Survey: Over half of Brooklyn small businesses say 2021 was difficult
Restaurants, bars enthusiastic over alcohol-to-go
As New York City approaches the two-year anniversary of the COVID-19 shutdown that forced the temporary closure of non-essential businesses, drove hundreds of thousands of New Yorkers out of work, and caused universal disruption to nearly every sector of the economy, more than half of small businesses in Brooklyn are still struggling due to ongoing financial impacts, according to a survey released on Wednesday by the Brooklyn Chamber of Commerce.
Although the city took many steps toward returning to normalcy in 2021, only 41 percent of businesses reported an increase in year-over-year revenues from 2020 to 2021, and 72 percent of businesses continued to experience sales lower than 2019 levels. Some 68 percent reported losses of customers compared to 2019, and 41 percent still had slimmer employee headcounts.
In a comprehensive survey detailing the myriad issues still affecting small businesses and prolonging the city’s unsteady economic recovery, the owners of 185 retailers, restaurants and bars, gyms, real estate and construction firms, manufacturers, and professional services representing neighborhoods across Brooklyn provided key insights into the difficulties that kept them from moving forward in 2021. Forty-seven percent of the businesses profiled are minority-, women- or immigrant-owned.
“What our end of the year survey definitively shows is that business owners are continuously facing ongoing challenges roadblocking the truly robust recovery New York City deserves and is capable of achieving,” said Randy Peers, president and CEO of the Brooklyn Chamber of Commerce. “But more than anything, our small businesses are amazingly resilient, and we have their backs for the long haul.”
Staffing continued to be a major sticking point for operations. One-quarter of businesses were unable to operate or had to close for periods of time due to shortages. Only one third of business owners reported they were able to retain or expand staff, while 41 percent answered that they experienced labor shortages or had hard times filling positions, even as most said the vaccine mandate did not affect business significantly because employees were compliant.
Difficulties paying rent persisted for a third of the businesses in 2021, with many of those businesses now in jeopardy of closing since the state lifted its 20-month pandemic-inspired eviction moratorium. Two-thirds of the businesses taking part in the survey reported they had no issues paying rent last year.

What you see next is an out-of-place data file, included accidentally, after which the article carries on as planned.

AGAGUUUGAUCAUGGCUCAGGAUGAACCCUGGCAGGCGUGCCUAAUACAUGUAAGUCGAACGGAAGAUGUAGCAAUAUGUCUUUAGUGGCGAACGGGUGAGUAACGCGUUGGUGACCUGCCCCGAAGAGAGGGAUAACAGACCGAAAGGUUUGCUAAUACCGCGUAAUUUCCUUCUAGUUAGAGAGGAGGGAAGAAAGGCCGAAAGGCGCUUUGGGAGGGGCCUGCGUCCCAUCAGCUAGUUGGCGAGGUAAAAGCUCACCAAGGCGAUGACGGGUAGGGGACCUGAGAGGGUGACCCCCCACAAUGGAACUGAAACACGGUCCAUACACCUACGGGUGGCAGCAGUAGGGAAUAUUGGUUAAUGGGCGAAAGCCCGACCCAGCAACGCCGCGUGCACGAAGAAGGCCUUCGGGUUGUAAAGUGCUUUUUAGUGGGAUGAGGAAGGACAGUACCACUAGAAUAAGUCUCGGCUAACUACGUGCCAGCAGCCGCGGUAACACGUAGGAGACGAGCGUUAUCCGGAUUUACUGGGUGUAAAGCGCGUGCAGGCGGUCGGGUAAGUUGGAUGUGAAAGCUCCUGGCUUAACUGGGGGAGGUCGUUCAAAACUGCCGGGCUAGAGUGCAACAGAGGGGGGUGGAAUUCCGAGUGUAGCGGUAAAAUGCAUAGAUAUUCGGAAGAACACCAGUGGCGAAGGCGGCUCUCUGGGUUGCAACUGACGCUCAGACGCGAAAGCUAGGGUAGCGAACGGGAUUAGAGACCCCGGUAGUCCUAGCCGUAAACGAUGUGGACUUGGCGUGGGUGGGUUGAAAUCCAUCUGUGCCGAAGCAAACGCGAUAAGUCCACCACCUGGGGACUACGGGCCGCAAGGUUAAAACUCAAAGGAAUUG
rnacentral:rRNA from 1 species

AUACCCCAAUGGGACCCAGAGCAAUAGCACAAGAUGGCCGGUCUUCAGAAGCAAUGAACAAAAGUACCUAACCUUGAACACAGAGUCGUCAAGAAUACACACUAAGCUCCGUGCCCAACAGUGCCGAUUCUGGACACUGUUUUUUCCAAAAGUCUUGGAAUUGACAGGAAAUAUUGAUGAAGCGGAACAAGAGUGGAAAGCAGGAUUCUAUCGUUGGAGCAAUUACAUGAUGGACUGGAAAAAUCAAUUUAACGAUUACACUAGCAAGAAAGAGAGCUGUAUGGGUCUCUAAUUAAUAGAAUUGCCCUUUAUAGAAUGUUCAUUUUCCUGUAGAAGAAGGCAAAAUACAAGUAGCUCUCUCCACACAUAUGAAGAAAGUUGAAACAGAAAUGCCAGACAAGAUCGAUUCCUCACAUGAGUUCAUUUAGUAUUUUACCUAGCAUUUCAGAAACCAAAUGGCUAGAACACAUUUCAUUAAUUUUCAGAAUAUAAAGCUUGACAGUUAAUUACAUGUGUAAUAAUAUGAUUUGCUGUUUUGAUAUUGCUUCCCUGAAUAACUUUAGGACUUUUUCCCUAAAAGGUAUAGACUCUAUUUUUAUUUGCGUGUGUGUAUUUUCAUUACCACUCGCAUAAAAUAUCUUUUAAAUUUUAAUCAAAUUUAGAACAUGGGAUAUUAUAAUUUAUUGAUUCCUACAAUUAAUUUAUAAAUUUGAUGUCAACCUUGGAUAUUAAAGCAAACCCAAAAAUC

Many businesses benefited from one or several forms of assistance, with two-thirds answering they had received Paycheck Protection Program (PPP) funding and 46 percent getting an Economic Injury Disaster Loan (EIDL). In addition, the Chamber itself connected more than half of the businesses with financial grants or low-interest loan programs. Businesses also received other sources of assistance, including 33 percent through government agencies and 18 percent from corporate or private foundations.
All responding restaurants and bars that participated in the popular temporary outdoor dining and alcohol-to-go programs allowed in 2021 experienced a jump in sales. Sixty-seven percent of businesses saw a 10 to 20 percent increase in revenue thanks to outdoor dining, and 50 percent said alcohol-to-go increased their bottom line by 10 to 20 percent.
Thirty-three percent of businesses said outdoor dining increased revenues by 20 percent or more, and half of the businesses surveyed credited alcohol-to-go as increasing sales by 20 percent or more. One business owner said, “The only way we survived was with the seating outside. With each wave of the virus, everyone moved outside even in winter.”
Governor Hochul championed permanently reinstating alcohol-to-go as part of her inaugural State of the State and Budget. While both the State Senate and Assembly axed alcohol-to-go from their budget proposals, it’s currently being renegotiated in Albany, according to the Chamber. The New York City Council is also considering proposals to permanently extend outdoor dining, backed by Mayor Eric Adams.
As was the case in 2020, many businesses last year were forced to get creative in the ways they dealt with COVID’s ongoing impacts. Forty percent reported reducing their hours of operation, 66 percent spoke of technology adaptations or adjustments, including upgrading point-of-sale (POS) systems and websites and converting to more online/e-commerce, and 26 percent changed their product mix.
Peers continued, “Optimism won’t pay the bills or ensure there is a path to continued growth for so many small businesses that at a point over the last two years probably were not sure whether they would survive another week or month. While we can see a time where COVID is not directly harming significant numbers of our neighbors, we need to double down on ensuring our small businesses have the guidance, resources and tools to build back our main streets and communities.”
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